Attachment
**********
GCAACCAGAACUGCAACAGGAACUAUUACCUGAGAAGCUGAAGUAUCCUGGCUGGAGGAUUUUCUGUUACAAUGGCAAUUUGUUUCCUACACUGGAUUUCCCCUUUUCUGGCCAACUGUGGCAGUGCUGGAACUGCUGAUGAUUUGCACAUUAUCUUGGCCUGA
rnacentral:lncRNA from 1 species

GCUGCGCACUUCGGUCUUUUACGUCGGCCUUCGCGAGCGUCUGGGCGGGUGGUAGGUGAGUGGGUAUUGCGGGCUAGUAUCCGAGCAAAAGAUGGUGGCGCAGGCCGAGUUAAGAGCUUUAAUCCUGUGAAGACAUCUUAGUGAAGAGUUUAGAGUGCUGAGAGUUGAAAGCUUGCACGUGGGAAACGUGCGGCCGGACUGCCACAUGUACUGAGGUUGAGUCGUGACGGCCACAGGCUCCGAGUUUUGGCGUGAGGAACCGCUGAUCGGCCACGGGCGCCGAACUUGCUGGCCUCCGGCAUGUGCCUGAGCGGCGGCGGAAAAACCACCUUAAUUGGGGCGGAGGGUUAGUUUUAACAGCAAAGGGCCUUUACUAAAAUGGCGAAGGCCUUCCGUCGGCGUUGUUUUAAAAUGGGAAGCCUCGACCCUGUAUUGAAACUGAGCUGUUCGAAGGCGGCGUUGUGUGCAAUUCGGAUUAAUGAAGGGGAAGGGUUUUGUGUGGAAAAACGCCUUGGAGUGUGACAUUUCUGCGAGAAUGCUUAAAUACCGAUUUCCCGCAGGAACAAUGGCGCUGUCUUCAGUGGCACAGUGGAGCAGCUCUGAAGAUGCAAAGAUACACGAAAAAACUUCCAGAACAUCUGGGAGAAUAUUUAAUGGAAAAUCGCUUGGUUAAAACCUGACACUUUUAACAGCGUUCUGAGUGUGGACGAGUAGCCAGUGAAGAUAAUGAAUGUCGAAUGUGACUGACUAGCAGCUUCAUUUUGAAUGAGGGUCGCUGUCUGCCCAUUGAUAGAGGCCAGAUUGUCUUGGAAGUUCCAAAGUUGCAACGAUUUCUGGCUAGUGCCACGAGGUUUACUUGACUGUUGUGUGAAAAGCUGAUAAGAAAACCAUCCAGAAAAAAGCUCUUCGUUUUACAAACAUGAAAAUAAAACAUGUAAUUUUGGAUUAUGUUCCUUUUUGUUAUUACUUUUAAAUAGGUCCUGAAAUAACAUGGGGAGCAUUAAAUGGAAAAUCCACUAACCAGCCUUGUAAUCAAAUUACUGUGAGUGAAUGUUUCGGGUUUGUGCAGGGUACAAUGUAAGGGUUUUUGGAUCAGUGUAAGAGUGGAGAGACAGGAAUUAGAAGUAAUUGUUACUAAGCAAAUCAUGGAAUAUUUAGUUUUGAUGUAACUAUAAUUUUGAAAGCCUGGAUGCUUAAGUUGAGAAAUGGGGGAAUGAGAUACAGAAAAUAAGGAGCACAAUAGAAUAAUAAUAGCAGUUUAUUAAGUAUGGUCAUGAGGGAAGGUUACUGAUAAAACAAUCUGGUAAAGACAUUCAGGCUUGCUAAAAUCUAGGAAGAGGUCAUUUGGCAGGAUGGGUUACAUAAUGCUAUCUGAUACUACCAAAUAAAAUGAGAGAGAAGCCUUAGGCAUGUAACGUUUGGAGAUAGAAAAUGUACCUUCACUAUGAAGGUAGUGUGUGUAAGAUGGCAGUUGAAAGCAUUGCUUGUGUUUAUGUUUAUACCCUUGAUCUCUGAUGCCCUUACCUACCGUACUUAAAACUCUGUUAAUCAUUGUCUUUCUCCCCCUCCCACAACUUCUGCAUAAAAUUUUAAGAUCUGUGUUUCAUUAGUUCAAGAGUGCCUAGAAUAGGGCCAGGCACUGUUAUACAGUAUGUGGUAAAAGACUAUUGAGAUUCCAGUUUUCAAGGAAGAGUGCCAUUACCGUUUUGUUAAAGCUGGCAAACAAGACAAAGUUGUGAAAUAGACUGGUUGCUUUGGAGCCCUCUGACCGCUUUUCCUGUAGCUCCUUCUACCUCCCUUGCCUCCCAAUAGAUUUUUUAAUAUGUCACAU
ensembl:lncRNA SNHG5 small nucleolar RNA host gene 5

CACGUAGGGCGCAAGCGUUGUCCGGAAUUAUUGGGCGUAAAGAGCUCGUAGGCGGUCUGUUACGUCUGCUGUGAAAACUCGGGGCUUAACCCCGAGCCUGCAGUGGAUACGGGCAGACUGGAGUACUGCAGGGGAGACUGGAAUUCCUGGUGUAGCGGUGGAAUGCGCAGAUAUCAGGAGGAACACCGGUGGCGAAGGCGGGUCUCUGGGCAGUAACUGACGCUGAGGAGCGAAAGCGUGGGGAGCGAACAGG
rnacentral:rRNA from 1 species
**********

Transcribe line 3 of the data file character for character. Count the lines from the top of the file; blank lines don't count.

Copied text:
GCUGCGCACUUCGGUCUUUUACGUCGGCCUUCGCGAGCGUCUGGGCGGGUGGUAGGUGAGUGGGUAUUGCGGGCUAGUAUCCGAGCAAAAGAUGGUGGCGCAGGCCGAGUUAAGAGCUUUAAUCCUGUGAAGACAUCUUAGUGAAGAGUUUAGAGUGCUGAGAGUUGAAAGCUUGCACGUGGGAAACGUGCGGCCGGACUGCCACAUGUACUGAGGUUGAGUCGUGACGGCCACAGGCUCCGAGUUUUGGCGUGAGGAACCGCUGAUCGGCCACGGGCGCCGAACUUGCUGGCCUCCGGCAUGUGCCUGAGCGGCGGCGGAAAAACCACCUUAAUUGGGGCGGAGGGUUAGUUUUAACAGCAAAGGGCCUUUACUAAAAUGGCGAAGGCCUUCCGUCGGCGUUGUUUUAAAAUGGGAAGCCUCGACCCUGUAUUGAAACUGAGCUGUUCGAAGGCGGCGUUGUGUGCAAUUCGGAUUAAUGAAGGGGAAGGGUUUUGUGUGGAAAAACGCCUUGGAGUGUGACAUUUCUGCGAGAAUGCUUAAAUACCGAUUUCCCGCAGGAACAAUGGCGCUGUCUUCAGUGGCACAGUGGAGCAGCUCUGAAGAUGCAAAGAUACACGAAAAAACUUCCAGAACAUCUGGGAGAAUAUUUAAUGGAAAAUCGCUUGGUUAAAACCUGACACUUUUAACAGCGUUCUGAGUGUGGACGAGUAGCCAGUGAAGAUAAUGAAUGUCGAAUGUGACUGACUAGCAGCUUCAUUUUGAAUGAGGGUCGCUGUCUGCCCAUUGAUAGAGGCCAGAUUGUCUUGGAAGUUCCAAAGUUGCAACGAUUUCUGGCUAGUGCCACGAGGUUUACUUGACUGUUGUGUGAAAAGCUGAUAAGAAAACCAUCCAGAAAAAAGCUCUUCGUUUUACAAACAUGAAAAUAAAACAUGUAAUUUUGGAUUAUGUUCCUUUUUGUUAUUACUUUUAAAUAGGUCCUGAAAUAACAUGGGGAGCAUUAAAUGGAAAAUCCACUAACCAGCCUUGUAAUCAAAUUACUGUGAGUGAAUGUUUCGGGUUUGUGCAGGGUACAAUGUAAGGGUUUUUGGAUCAGUGUAAGAGUGGAGAGACAGGAAUUAGAAGUAAUUGUUACUAAGCAAAUCAUGGAAUAUUUAGUUUUGAUGUAACUAUAAUUUUGAAAGCCUGGAUGCUUAAGUUGAGAAAUGGGGGAAUGAGAUACAGAAAAUAAGGAGCACAAUAGAAUAAUAAUAGCAGUUUAUUAAGUAUGGUCAUGAGGGAAGGUUACUGAUAAAACAAUCUGGUAAAGACAUUCAGGCUUGCUAAAAUCUAGGAAGAGGUCAUUUGGCAGGAUGGGUUACAUAAUGCUAUCUGAUACUACCAAAUAAAAUGAGAGAGAAGCCUUAGGCAUGUAACGUUUGGAGAUAGAAAAUGUACCUUCACUAUGAAGGUAGUGUGUGUAAGAUGGCAGUUGAAAGCAUUGCUUGUGUUUAUGUUUAUACCCUUGAUCUCUGAUGCCCUUACCUACCGUACUUAAAACUCUGUUAAUCAUUGUCUUUCUCCCCCUCCCACAACUUCUGCAUAAAAUUUUAAGAUCUGUGUUUCAUUAGUUCAAGAGUGCCUAGAAUAGGGCCAGGCACUGUUAUACAGUAUGUGGUAAAAGACUAUUGAGAUUCCAGUUUUCAAGGAAGAGUGCCAUUACCGUUUUGUUAAAGCUGGCAAACAAGACAAAGUUGUGAAAUAGACUGGUUGCUUUGGAGCCCUCUGACCGCUUUUCCUGUAGCUCCUUCUACCUCCCUUGCCUCCCAAUAGAUUUUUUAAUAUGUCACAU